The Euskadi Research Prize 2016 has been given to Agustin Sánchez Lavega, Astrophysicist and Full Professor of Physics at the Applied Physics Department at the School of Engeenering (UPV/EHU) in Bilbao. The Euskadi Research Prize has a main goal to promote the scientific activities and stimalute the efforts in scientific innovation of scientists and research teams in the Basque Country or to researchers whose works has been a positive influence to the Basque Country.Press release: (Spanish or Basque only)
UPV/EHU researchers continue to enlarge the Cassini Mission Legacy. High-resolution images of Saturn's polar region observed in limb geometry in 2015 revealed a complex system of hazes southwards of the planet's hexagonal wave. However, the geometry of the observations and the faint structure in some of these hazes made the images to remain archived for a long time without an in depth analyses. A thorough analysis of these observations show that at least six stacked above the upper clouds pressure level and extending from 500 to 10 mbar with an upper layer of aerosols reaching altitudes of 340 km above the clouds (0.4 mbar). Their optical properties were studied with numerical models of radiative transfer stablishing particle sizes of 0.07-1.4 microns with densities of 100-500 particles per cubic centimeter (these values are typical of hazes). These hazes are possibly hydrocarbon condensates at temperatures of -120 to -180ºC (acetylene, benzene and others) formed by methane photolysis and electron deposition in the nearby auroras. However, the latitudinal location of this complex haze system close to the hexagon suggests that they could be due to gravity waves generated by the interaction of the hexagon atmospheric wave and the associated eastward jet.Reference: Multilayer hazes over Saturn's hexagon from Cassini ISS limb images.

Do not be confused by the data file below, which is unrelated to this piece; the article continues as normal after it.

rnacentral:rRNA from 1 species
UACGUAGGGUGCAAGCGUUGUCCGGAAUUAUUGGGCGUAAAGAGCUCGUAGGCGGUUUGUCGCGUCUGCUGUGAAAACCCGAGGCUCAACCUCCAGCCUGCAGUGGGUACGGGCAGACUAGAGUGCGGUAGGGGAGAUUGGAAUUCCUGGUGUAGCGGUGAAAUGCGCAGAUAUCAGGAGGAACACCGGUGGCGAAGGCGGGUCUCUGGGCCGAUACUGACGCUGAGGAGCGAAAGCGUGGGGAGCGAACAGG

Saturn is home to the largest and most intense convective storms in the Solar System. The so-called Great White Spots (GWS) develop approximately every 30 years and can grow to sizes of 20,000 km to expand later covering a complete latitudinal band of the planet. These rare storms are giants that dwarf the most common storms in Saturn: small-scale (3,000 km) seasonal storms appearing in the mid-latitudes. In 2018 however, a series of storms initiated in the North polar atmosphere. Their growth was much smaller than those of a GWS but their longevity was similar. Up to 4 storms developed over months at different latitudes and being drifted by the winds. Their interactions produced larger amounts of cloud material and modified the polar atmosphere almost to the latitude of the famous north polar hexagon. An analysis made by our research group of the existing observations including Hubble Space Telescope images, observations with the PlanetCam instrument at Calar Alto Observatory and a multitude of high-resolution observations obtained by amateur astronomers has been published in the journal Nature Astronomy. From a comparison of the observations with numerical models of the atmosphere we clonclude that these polar storms represent an intermediate type of storms in Saturn not observed before.Reference: A complex storm system in Saturn's north polar atmosphere in 2018.